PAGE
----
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0073 Human Factors - Are Participants’ Perceptions Of The Importance Of Human Factors Altered By Undertaking "critically Ill Patient" Simulations And Debriefs Which Include Both Technical And Non-technical Skills?
  1. Stephanie Gillam,
  2. Wendy Hawkins,
  3. Caroline Cocking
  1. Derby Hospitals NHS Foundation Trust, Derby, UK

Abstract

Context The Resuscitation/Clinical Skills Department, Royal Derby Hospital, routinely runs "Critically Ill Patient" simulation days for final year medical/nursing students. The structure of the day gives participants opportunities for inter-professional learning, examining technical and non-technical skills.

Objectives

  • Demonstrate effective recognition, assessment and management of acutely ill patients

  • Perform appropriate reassessment

  • Demonstrate team-working

  • Discuss/demonstrate effective communication

  • Develop critical evaluation/feedback skills during facilitated debriefs

ObjectivesThe focus of this pilot study is participants’ perception of human factors (HF) in healthcare.¹

Method There were 62 participants; 40 medical students, 22 student nurses over 8 multi-disciplinary sessions. During the introduction participants are asked the following using the Turning Point Audience Response SystemTM

  • Are you a Medical student/Student nurse?

  • Do you feel you know what non-technical skills/human factors are?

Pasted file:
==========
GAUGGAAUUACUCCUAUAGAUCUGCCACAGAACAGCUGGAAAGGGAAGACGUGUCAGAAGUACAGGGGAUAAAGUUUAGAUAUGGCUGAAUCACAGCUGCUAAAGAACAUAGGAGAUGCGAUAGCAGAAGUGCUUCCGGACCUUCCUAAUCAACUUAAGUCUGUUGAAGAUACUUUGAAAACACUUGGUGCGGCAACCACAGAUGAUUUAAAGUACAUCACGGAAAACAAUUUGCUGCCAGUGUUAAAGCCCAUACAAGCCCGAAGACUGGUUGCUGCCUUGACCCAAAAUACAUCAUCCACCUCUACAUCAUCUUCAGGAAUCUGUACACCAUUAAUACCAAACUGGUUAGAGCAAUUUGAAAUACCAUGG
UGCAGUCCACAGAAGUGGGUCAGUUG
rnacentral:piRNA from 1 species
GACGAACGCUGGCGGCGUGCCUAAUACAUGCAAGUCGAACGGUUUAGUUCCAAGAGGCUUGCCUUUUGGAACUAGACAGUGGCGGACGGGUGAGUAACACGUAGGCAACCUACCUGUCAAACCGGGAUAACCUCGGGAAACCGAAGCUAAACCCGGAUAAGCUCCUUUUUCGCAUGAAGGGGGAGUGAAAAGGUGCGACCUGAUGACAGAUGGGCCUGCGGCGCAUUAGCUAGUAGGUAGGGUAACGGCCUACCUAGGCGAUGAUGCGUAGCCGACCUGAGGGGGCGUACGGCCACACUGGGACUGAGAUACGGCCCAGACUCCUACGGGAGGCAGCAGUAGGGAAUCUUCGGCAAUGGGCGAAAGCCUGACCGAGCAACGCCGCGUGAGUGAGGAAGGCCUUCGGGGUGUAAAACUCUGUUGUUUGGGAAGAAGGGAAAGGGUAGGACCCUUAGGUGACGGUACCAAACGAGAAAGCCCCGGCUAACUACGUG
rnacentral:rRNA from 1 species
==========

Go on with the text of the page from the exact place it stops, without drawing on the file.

• Please indicate which THREE of the following factors you personally feel are most important.

  1. Assertiveness

  2. Clinical skill

  3. Communication

  4. Decision Making

  5. Knowledge

  6. Leadership

  7. Prioritisation

  8. Situational Awareness

  9. Team-working

The students then participate in 4 simulations/debriefs, including a focussed HF session.² The day culminates in participants repeating their ranking of the three most important factors.

Results 64.5% of participants feel they know what HF/non-technical skills are.

Pre-simulations the 3 most important factors:

  • Communication 54%

  • Team-working 37%

  • Situational Awareness 27%

  • Technical skills - (Clinical Skills 19%, Knowledge 18%) = 37%

  • Post-simulations the 3 most important factors:

  • Communication 58%

  • Situational Awareness 48%

  • Team-working 39%

  • Technical skills - (Clinical Skills, 1% Knowledge 2%) = 3%

Conclusion/Further Recommendations

Participants’ perceptions of the importance of HF have altered by the end of the session, notably between knowledge/clinical skills and situational awareness.

Further recommendations include interrogating data, examining reasoning behind the results. E.g. Do those unfamiliar with HF have a greater shift in priorities following exposure? Are there differences in the shift in priorities between staff groups?

References

  1. Fortune P,. Davis M,. Hanson J,. Phillips B,. (eds) (2013) Human Factors in the Health Care Setting: A Pocket Guide for Clinical Instructors. Advanced Life Support Group. Chichester UK: John Wiley & Sons

  2. NHS Institute for Innovation and Improvement, Just a Routine Operation, Safer Care

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